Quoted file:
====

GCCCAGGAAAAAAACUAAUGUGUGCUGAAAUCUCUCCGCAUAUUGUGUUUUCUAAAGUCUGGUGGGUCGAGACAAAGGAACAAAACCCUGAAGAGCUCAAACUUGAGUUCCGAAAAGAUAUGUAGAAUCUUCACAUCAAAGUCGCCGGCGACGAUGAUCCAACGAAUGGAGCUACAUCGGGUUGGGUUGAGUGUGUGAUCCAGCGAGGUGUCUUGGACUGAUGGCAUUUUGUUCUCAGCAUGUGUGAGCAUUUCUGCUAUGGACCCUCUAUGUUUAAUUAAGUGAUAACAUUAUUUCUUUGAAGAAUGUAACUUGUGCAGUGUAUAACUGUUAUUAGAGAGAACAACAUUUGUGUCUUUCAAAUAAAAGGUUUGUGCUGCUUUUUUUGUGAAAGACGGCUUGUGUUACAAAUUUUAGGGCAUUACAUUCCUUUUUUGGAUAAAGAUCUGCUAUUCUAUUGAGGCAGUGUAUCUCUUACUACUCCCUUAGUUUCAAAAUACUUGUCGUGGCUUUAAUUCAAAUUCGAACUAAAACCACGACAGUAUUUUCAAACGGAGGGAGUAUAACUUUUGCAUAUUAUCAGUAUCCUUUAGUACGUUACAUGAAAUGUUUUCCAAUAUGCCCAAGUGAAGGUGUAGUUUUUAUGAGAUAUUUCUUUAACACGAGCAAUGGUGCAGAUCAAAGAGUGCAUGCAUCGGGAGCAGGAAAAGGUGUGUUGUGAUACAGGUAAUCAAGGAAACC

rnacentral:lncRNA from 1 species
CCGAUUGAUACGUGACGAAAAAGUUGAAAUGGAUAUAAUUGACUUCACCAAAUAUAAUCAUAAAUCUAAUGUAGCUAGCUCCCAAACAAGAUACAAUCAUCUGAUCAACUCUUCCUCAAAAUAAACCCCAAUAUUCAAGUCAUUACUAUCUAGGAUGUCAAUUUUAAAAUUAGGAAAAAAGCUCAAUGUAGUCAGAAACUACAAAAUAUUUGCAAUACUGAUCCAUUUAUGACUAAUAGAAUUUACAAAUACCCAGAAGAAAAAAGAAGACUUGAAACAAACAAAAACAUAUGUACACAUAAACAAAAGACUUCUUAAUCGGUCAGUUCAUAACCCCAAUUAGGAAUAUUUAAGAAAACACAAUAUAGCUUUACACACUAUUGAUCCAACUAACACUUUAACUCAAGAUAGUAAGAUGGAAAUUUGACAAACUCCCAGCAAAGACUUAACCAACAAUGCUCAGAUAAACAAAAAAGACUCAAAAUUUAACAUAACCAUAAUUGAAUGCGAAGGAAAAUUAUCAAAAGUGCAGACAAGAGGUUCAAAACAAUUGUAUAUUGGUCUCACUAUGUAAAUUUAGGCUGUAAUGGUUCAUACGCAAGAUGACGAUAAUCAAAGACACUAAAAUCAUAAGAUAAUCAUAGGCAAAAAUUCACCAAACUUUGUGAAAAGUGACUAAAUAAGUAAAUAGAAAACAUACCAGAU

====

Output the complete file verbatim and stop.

GCCCAGGAAAAAAACUAAUGUGUGCUGAAAUCUCUCCGCAUAUUGUGUUUUCUAAAGUCUGGUGGGUCGAGACAAAGGAACAAAACCCUGAAGAGCUCAAACUUGAGUUCCGAAAAGAUAUGUAGAAUCUUCACAUCAAAGUCGCCGGCGACGAUGAUCCAACGAAUGGAGCUACAUCGGGUUGGGUUGAGUGUGUGAUCCAGCGAGGUGUCUUGGACUGAUGGCAUUUUGUUCUCAGCAUGUGUGAGCAUUUCUGCUAUGGACCCUCUAUGUUUAAUUAAGUGAUAACAUUAUUUCUUUGAAGAAUGUAACUUGUGCAGUGUAUAACUGUUAUUAGAGAGAACAACAUUUGUGUCUUUCAAAUAAAAGGUUUGUGCUGCUUUUUUUGUGAAAGACGGCUUGUGUUACAAAUUUUAGGGCAUUACAUUCCUUUUUUGGAUAAAGAUCUGCUAUUCUAUUGAGGCAGUGUAUCUCUUACUACUCCCUUAGUUUCAAAAUACUUGUCGUGGCUUUAAUUCAAAUUCGAACUAAAACCACGACAGUAUUUUCAAACGGAGGGAGUAUAACUUUUGCAUAUUAUCAGUAUCCUUUAGUACGUUACAUGAAAUGUUUUCCAAUAUGCCCAAGUGAAGGUGUAGUUUUUAUGAGAUAUUUCUUUAACACGAGCAAUGGUGCAGAUCAAAGAGUGCAUGCAUCGGGAGCAGGAAAAGGUGUGUUGUGAUACAGGUAAUCAAGGAAACC

rnacentral:lncRNA from 1 species
CCGAUUGAUACGUGACGAAAAAGUUGAAAUGGAUAUAAUUGACUUCACCAAAUAUAAUCAUAAAUCUAAUGUAGCUAGCUCCCAAACAAGAUACAAUCAUCUGAUCAACUCUUCCUCAAAAUAAACCCCAAUAUUCAAGUCAUUACUAUCUAGGAUGUCAAUUUUAAAAUUAGGAAAAAAGCUCAAUGUAGUCAGAAACUACAAAAUAUUUGCAAUACUGAUCCAUUUAUGACUAAUAGAAUUUACAAAUACCCAGAAGAAAAAAGAAGACUUGAAACAAACAAAAACAUAUGUACACAUAAACAAAAGACUUCUUAAUCGGUCAGUUCAUAACCCCAAUUAGGAAUAUUUAAGAAAACACAAUAUAGCUUUACACACUAUUGAUCCAACUAACACUUUAACUCAAGAUAGUAAGAUGGAAAUUUGACAAACUCCCAGCAAAGACUUAACCAACAAUGCUCAGAUAAACAAAAAAGACUCAAAAUUUAACAUAACCAUAAUUGAAUGCGAAGGAAAAUUAUCAAAAGUGCAGACAAGAGGUUCAAAACAAUUGUAUAUUGGUCUCACUAUGUAAAUUUAGGCUGUAAUGGUUCAUACGCAAGAUGACGAUAAUCAAAGACACUAAAAUCAUAAGAUAAUCAUAGGCAAAAAUUCACCAAACUUUGUGAAAAGUGACUAAAUAAGUAAAUAGAAAACAUACCAGAU